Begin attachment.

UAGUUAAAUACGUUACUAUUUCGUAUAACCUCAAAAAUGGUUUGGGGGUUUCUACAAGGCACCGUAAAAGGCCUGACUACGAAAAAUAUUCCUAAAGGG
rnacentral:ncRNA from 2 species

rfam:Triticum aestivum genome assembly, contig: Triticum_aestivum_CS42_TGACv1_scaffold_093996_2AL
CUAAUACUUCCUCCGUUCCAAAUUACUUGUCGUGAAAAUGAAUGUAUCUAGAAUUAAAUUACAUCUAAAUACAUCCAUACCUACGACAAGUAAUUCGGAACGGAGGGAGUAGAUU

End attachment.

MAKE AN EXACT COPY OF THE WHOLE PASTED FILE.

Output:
UAGUUAAAUACGUUACUAUUUCGUAUAACCUCAAAAAUGGUUUGGGGGUUUCUACAAGGCACCGUAAAAGGCCUGACUACGAAAAAUAUUCCUAAAGGG
rnacentral:ncRNA from 2 species

rfam:Triticum aestivum genome assembly, contig: Triticum_aestivum_CS42_TGACv1_scaffold_093996_2AL
CUAAUACUUCCUCCGUUCCAAAUUACUUGUCGUGAAAAUGAAUGUAUCUAGAAUUAAAUUACAUCUAAAUACAUCCAUACCUACGACAAGUAAUUCGGAACGGAGGGAGUAGAUU